Fallout 3

I don’t know what it is about the end of the world that piques my interest so much at the moment. Now that Blackett and Morgan have swanned off to Edinburgh and left me all alone (Boo and indeed hiss, but check out their fun and japes at ed.thisisdavid.com) I have been able to take advantage of some of Blackett’s games collection. Namely Fallout 3 for the Xbox 36:

“Fallout 3 takes place in the year 2277, 36 years after the setting of Fallout 2 and 200 years after the nuclear war between the USA and China that devastated the game’s world in an alternate post World War II timeline.

The game places the player in the role of an inhabitant of Vault 101, a survival shelter designed to protect a small number of humans from the nuclear fallout. When the player’s father disappears under mysterious circumstances, the player is forced to escape from the Vault and journey into the ruins of Washington D.C. to track him down. Along the way the player is assisted by a number of human survivors and must battle myriad enemies that now inhabit the wasteland. The game has an attribute and combat system typical of an action role-playing game but also incorporates elements of first-person shooter and survival horror games.” (thank you Wikipedia)

Now I’m useless at scary games although I love them. I have to prepare myself for playing them and will scream like a tit every time something moves. Fallout 3′s combat is just perfect for me. The Vault-Tec Assisted Targeting System, or V.A.T.S. slows down enemies into bullet-time so I can pick which areas to target and I don’t have to instantly die because my reactions are crap. Its kind of a mix between FPS and turn based action (you have a limit on how much you can use the VATS before having to use old fashioned aiming) which I thought would be clunky and disruptive but it works very well indeed.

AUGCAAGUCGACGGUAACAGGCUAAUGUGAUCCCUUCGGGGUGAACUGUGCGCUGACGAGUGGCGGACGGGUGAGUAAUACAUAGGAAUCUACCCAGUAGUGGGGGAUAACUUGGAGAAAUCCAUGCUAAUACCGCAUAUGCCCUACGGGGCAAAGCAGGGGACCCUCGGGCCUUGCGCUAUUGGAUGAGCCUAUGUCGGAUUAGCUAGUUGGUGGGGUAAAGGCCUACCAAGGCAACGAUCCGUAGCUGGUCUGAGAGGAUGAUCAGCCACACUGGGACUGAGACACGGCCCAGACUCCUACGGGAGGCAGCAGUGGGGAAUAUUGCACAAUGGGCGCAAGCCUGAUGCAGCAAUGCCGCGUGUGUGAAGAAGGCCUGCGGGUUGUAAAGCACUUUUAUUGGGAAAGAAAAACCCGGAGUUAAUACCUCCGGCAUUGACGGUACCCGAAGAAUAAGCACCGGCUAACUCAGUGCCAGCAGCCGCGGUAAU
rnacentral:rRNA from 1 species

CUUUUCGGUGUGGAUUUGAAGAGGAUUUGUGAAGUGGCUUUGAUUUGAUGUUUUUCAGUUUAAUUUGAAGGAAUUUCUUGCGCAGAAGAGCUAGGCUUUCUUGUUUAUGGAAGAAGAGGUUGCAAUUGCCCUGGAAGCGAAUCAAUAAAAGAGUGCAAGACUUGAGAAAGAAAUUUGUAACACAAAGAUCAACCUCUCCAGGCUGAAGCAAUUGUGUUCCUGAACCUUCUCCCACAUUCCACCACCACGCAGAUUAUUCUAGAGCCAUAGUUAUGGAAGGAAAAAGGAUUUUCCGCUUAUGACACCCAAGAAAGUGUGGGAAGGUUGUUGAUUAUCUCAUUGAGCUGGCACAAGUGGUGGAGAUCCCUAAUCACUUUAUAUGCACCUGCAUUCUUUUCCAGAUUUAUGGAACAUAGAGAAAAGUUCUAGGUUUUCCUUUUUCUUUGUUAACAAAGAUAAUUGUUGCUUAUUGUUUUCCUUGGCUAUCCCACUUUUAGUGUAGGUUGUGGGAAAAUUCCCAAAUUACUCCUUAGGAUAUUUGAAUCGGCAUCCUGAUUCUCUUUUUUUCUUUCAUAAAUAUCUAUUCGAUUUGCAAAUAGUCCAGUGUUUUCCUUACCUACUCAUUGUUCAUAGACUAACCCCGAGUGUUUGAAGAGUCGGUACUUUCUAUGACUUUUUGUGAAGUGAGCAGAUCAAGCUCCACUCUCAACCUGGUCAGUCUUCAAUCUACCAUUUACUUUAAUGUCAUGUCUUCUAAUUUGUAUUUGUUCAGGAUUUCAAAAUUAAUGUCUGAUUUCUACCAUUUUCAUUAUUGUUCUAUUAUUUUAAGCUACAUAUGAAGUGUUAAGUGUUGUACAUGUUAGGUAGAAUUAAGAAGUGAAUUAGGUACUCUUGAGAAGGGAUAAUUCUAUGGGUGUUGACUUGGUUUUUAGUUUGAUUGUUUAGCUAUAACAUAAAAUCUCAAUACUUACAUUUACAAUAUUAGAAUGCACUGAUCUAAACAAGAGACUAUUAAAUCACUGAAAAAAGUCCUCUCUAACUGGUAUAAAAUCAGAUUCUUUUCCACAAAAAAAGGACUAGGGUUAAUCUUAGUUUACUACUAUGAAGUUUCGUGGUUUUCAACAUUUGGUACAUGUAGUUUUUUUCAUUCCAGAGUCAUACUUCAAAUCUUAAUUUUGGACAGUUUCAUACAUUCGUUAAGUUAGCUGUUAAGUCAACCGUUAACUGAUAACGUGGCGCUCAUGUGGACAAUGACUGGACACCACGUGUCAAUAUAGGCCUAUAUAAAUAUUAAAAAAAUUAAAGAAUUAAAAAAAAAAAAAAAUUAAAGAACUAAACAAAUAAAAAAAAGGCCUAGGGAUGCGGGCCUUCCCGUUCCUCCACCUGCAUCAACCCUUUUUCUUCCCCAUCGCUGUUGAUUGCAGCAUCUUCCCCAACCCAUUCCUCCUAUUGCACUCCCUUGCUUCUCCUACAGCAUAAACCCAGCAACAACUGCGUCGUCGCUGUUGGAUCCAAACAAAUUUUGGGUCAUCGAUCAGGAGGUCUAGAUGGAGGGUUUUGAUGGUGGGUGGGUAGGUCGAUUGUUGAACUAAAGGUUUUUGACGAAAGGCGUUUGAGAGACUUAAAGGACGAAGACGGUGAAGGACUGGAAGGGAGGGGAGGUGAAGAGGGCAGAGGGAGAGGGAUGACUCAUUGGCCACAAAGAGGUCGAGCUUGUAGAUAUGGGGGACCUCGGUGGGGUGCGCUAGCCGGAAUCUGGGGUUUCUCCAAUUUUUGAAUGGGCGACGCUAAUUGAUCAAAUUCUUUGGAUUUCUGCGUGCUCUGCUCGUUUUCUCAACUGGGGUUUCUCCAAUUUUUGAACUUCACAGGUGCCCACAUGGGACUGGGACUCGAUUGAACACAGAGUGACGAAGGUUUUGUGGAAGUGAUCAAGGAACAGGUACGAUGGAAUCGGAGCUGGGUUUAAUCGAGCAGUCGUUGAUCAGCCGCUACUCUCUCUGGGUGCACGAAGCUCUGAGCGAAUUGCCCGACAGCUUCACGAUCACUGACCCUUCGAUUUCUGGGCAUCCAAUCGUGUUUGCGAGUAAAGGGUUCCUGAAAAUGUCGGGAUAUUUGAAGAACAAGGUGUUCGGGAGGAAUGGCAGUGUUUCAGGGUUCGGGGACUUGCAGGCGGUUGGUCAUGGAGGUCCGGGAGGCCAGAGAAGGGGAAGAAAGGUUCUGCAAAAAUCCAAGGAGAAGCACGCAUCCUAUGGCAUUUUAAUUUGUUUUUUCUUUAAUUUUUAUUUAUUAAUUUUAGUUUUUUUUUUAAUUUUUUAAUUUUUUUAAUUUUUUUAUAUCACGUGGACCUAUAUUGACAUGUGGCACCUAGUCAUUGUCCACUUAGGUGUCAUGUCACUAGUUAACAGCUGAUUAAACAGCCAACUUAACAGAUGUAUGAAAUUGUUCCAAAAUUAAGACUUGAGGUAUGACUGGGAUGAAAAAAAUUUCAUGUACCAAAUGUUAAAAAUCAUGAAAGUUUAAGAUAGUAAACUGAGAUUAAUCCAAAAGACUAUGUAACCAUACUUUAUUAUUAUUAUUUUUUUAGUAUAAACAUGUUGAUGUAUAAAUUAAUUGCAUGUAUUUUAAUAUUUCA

Not only is Fallout fairly easy for people like me to pick up fairly quickly but it looks and feels gorgeous. Changes in weather, terrain, weapons, enemies, lighting and movement are smooth and realistic and is probably the most contributive factor towards my utter immersion in this game. That and the stunning voice-acting and characterisation. Being a Nintendo fan for so many years has made me content with pages and pages of written dialogue and a measley sprinkling of actual voices but Fallout is really spoiling me with actors such as Liam Neeson and Ron Perlman offering their vocals.

I think what I like most about this game is the suspense. Wandering through a deserted city in the middle of the night is eerie and peaceful all at the same time. I enjoy the difficulty too; which seems to be pitched just right as this is a game which requires attention and commitment and making it eye wateringly hard would have been a mistake. The gore is brilliant too. I rarely look for it in a game but when you shoot someone in the face at point blank with a shotgun you need to be made to understand that decision in all its grossness. And thats the best bit about Fallout. There are decisions. Although of course you are guided along a path to some extent, minute decisions you make will affect how the game plays out for you. I’m pretty sure I’m going to regret murdering my best friend’s dad as I get further into this.